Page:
Crude Prices Mixed as Saudi Arabia Threatens Oil as a Weapon

Oil prices traded modestly on Monday after Saudi Arabia threatened to retaliate against punitive measures tied to the disappearance of Jamal Khashoggi, a Washington Post columnist who was also one of the kingdom’s most vocal dissidents.

Oil Markets Creep Higher

A combination of geopolitics, supply constraints and a weaker dollar lifted commodity prices at the start of the week. U.S. West Texas Intermediate (WTI) crude rose by as much as 1.9% on Monday, hitting a high of $72.70 a barrel. The contract would later reverse course to trade 0.3% lower at $71.20 a barrel in New York.

ICE Bent, the global crude benchmark, peaked at $81.92 a barrel. At press time, it was down 0.1% at $80.32 a barrel.

The U.S. dollar, which often trades inversely with commodities, fell 0.2% against a basket of currencies. The DXY dollar index is currently trading at 95.02.

Khashoggi Disappearance

Saudi Arabia is facing an international backlash over the disappearance of Jamal Khashoggi. The columnist was last seen entering the Saudi consulate in Istanbul, Turkey on Oct. 2 before disappearing. Turkish news outlets say they have evidence linking the Saudis to his disappearance.

According to Sabah, a pro-government newspaper, the moments of Khashoggi’s “interrogation, torture and killing were audio recorded and sent to both his phone and to iCloud.” The newspaper said conversations of Khashoggi’s killers were also recorded.

U.S. President Donald Trump will send Secretary of State Mike Pompeo to Saudi Arabia to discuss the situation with Crown Prince Mohammad Bin Salman. Trump tweeted on Monday that the King denied having any knowledge of Khashoggi’s whereabouts.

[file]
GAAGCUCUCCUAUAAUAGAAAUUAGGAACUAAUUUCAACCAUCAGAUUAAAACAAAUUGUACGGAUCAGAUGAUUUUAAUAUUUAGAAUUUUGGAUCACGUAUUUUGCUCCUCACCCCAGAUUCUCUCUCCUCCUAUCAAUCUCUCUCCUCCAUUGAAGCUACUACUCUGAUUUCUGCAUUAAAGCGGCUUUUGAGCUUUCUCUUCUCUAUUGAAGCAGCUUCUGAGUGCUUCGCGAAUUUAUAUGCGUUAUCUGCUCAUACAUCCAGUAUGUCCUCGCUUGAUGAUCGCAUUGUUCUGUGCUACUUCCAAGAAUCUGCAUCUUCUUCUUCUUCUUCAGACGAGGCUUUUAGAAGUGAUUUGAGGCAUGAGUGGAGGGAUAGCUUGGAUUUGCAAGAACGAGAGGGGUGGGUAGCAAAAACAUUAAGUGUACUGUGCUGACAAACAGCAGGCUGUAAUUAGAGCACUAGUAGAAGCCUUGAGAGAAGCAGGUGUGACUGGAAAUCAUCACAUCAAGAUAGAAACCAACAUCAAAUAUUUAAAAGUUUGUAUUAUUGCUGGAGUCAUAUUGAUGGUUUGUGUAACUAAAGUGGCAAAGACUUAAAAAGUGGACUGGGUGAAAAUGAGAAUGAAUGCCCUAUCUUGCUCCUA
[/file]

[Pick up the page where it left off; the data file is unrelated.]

“Just spoke to the King of Saudi Arabia who denies any knowledge of whatever may have happened ‘to our Saudi Arabian citizen.’ He said that they are working closely with Turkey to find answer. I am immediately sending our Secretary of State to meet with King!” he said.

Economic Retaliation

Trump has warned of grave consequences for Saudi Arabia if evidence emerged that the kingdom was responsible for Khashoggi’s disappearance. However, the president stopped short of threatening to block major arms deals to the kingdom as that would undermine U.S. jobs.

For the first time in 45 years, the Saudi regime has threatened to use oil as a political weapon to deter the West from attacking its economic interests. The Saudis issued a statement that the king plays “an influential and vital role in the global economy,” which is an implicit reference to its abundant oil wealth.

Following the disappearance of Khashoggi, several top business executives have pulled out of a high-profile Saudi investment conference, setting the stage for a bigger global backlash against the kingdom. According to CNN, the heads of J.P. Morgan Chase, Ford and BlackRock have cancelled plans to attend the summit.

Featured image courtesy of Shutterstock.

Chief Editor to and Contributor to, Sam Bourgi has spent the past nine years focused on economics, markets and cryptocurrencies. His work has been featured in and cited by some of the world's leading newscasts, including Barron's, CBOE and Forbes. Avid crypto watchers and those with a libertarian persuasion can follow him on twitter at @hsbourgi